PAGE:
dimanche 9 octobre 2011

Why not thank Irving Berlin? Or was he too Jewish?

Sorry for no posting for a few days, but I was out of town visiting family, and couldn't connect to the intartoobz for a few days despite having two laptops with me. Besides, I've kind of been in a funk for a few days about the death of Steve Jobs. Not quite sure why, other than the obvious narcissistic ones about the Apple stock in my IRA and the fact that Jobs was only four months older than I am, and how it kind of feels like the end of an era -- sort of the way it did when George Harrison died. But I'm back now, and while I'm too tired to muster up too much righteous outrage, this tidbit made my head explode:
Bryan Fischer of the conservative Christian group the American Family Association floated an interesting theory about why there hasn't been a "Muslim attack" since Sept. 11 during his speech before the Values Voter Summit on Saturday.

"By God's blessing, we have not been hit by a Muslim attack since 9/11," Fischer said. "I suggest that in part, we have Major League Baseball to thank. You remember that the week after 9/11 Major League Baseball converted the seventh inning stretch from the singing of 'Take Me Out To The Ballgame' to the singing of 'God Bless America.'"

"Now 'God Bless America' is not just a song, it is a prayer. When we sing that we are inviting God to bless America, to stand beside her and to guide her through the night with a light from above," Fischer said.

"So for one brief, shining moment every night, Major League Baseball has converted our stadiums into cathedrals in which tens of thousands of ordinary Americans lift their hearts and voices as one and ask God to watch over and protect the United States," Fischer said.

"Ladies and gentleman, I think that those prayers have been heard and they have been answered," Fischer said.

For some strange reason, Talking Points Memo chose to accompany this insane raving of a lunatic with a photograph of Mr. Met, of all mascots. I'm not sure if this is some kind of Jew Jew Jew code, given that the Mets are owned by the Wilpon family who are embroiled in the Bernie Madoff mess. But please forgive me for echoing that scene in Annie Hall where Woody Allen says to Tony Roberts that even the waitress asking "'d'you eat?" was really saying "Jew eat?" as some kind of anti-Semitic slur; I'm sure I'm looking for hidden meanings where there are none.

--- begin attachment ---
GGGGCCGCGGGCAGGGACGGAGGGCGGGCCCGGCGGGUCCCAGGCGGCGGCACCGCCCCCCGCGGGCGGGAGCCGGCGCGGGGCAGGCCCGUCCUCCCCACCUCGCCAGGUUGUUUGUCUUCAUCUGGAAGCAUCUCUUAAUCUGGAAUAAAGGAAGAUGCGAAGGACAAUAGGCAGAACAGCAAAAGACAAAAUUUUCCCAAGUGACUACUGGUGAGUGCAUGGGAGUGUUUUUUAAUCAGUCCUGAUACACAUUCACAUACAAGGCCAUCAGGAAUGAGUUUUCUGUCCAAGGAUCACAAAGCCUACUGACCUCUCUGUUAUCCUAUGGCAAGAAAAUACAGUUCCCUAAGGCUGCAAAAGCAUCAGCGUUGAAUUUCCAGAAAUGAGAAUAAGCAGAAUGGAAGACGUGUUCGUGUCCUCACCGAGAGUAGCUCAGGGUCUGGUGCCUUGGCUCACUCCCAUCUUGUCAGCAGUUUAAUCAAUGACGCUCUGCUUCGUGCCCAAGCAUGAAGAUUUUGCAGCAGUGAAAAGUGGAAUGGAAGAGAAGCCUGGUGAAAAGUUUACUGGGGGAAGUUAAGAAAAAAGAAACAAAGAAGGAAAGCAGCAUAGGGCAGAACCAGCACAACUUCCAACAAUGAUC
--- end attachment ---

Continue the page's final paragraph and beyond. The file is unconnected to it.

But while I've gotten used to the Christofascist Zombie Brigade insisting that their Great White Alpha Male Punitive Father Figure In The Sky thinks they are so important that He has nothing better to do than listen to these ignoramusus mutsche him all day long, when you start bringing the game of baseball into your insane ravings, and at the risk of going all Annie Savoy on you, that's cause to take these people to the woodshed.

Fred Wilpon didn't write God Bless America, and neither did the Yawkey family, nor the Steinbrenners, nor (Goddess forbid) the Bush family. None of those infuriating baseball players (I'm talking to YOU, Mr. Reyes) who think God hit their home run for them wrote the song. It was written by a guy whose history is similar to that of my own grandparents and to so many Jews who came to this country from Russia and Poland in the early years of the 20th century to escape the pogroms in their home countries.

Irving Berlin wrote God Bless America in 1918 after being drafted into the Army specifically to write patriotic songs and songs of Army life that were performed in all-soldier revues such as "Yip Yip Yaphank". Like most Tin Pan Alley songwriters, he had cranked out an astonishing amount of material before the war, and "God Bless America" was just another throwaway tune that he'd written and put away until Kate Smith's manager asked him twenty years later if he had a song put away somewhere that she could sing. There's tons of material on Irving Berlin at Wikipedia and elsewhere, so I needn't do a full biography here.

Irving Berlin, like the mother from whom he'd originally heard the phrase "God bless America", loved his country for the opportunities it had given him and his family -- opportunities for which the people Bryan Fischer would like to see running government would deprive future generations of immigrants, as well as those who see their status in the middle class fleeing from them more every day. Irving Berlin was a man whose family fled religious persecution to come here to the very same country in which people like Bryan Fischer and the Republican candidates seeking his favor would deprive people like him, and other non-Christians, of their own ability to worship as they please -- or not to worship at all.

But why let things like the history of the song that religious bigots like Bryan Jeffers want to co-opt get in the way of feeding their own religious chauvinism? It's so much easier, and more comforting, for them to forget that their favorite song was written by a Jew whose family came here after watching their village burned to the ground and instead to believe that like the King James Bible, which they seem to think was written by God in English, that it somehow belongs to them and then alone.

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